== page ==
BUDGET cuts will continue to affect the country's beaches this summer as thousands prepare to flock to the seaside for cheaper holiday breaks.
Last year, financial pressure on local authorities led to a shortage of staff for beach cleaning, while serious question marks surrounded the provision of life guards.
However, this year there will be no threat to the supply of around 500 rescue staff, while grants for local authorities to treat tourist areas will be of huge benefit towards efforts to keep beaches clean.
Crippled finances led to last year's disastrous June bank holiday weekend when tonnes of rubbish, including nappies, broken glass and disposable barbeques, was left strewn on sand dunes around the country.
However, this year a majority of local authorities say they are not anticipating any trouble cleaning up after beachgoers ? even the record numbers expected if the weather is as good as it is forecast to be for the next few days.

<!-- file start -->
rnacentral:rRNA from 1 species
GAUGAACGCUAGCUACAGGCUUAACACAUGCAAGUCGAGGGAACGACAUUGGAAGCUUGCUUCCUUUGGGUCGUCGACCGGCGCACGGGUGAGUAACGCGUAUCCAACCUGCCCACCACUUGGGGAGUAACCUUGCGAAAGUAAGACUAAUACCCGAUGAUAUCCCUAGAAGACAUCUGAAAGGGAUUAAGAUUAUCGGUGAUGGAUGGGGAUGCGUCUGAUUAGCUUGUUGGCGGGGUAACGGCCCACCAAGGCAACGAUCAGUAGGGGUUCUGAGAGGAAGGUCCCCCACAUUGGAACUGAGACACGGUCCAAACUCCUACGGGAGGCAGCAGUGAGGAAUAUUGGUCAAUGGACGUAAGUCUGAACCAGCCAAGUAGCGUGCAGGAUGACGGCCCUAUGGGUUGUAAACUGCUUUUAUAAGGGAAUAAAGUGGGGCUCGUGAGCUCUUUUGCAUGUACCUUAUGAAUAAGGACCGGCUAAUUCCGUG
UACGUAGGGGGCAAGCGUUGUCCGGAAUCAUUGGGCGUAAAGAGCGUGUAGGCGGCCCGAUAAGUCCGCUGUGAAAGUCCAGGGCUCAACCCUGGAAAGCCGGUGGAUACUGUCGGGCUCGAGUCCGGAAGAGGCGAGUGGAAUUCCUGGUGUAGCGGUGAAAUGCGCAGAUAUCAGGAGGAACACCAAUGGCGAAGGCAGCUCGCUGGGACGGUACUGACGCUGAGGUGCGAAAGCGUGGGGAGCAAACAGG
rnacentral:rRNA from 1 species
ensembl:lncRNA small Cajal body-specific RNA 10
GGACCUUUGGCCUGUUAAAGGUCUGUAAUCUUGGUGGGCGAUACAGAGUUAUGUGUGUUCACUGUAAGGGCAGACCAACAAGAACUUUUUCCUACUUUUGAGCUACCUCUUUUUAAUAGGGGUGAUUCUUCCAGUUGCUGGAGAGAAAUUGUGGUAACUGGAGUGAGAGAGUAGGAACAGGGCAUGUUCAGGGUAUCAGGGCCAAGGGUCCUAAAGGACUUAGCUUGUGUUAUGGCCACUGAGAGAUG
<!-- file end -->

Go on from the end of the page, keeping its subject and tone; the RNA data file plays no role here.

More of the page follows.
But most councils concede funding will remain a problem. Fingal County Council said that it had received a grant and would provide a "limited" litter control service this year. It said: "It must be emphasised strongly that (we) do not have the same resources, either financial or staffing, as in previous years."
It stressed the growing importance that visitors to beaches take more responsibility for their own waste.
"The ability of Sligo County Council and other local authorities around the country to keep beaches free of litter is hampered in the current year by a lack of resources," a Sligo council statement said.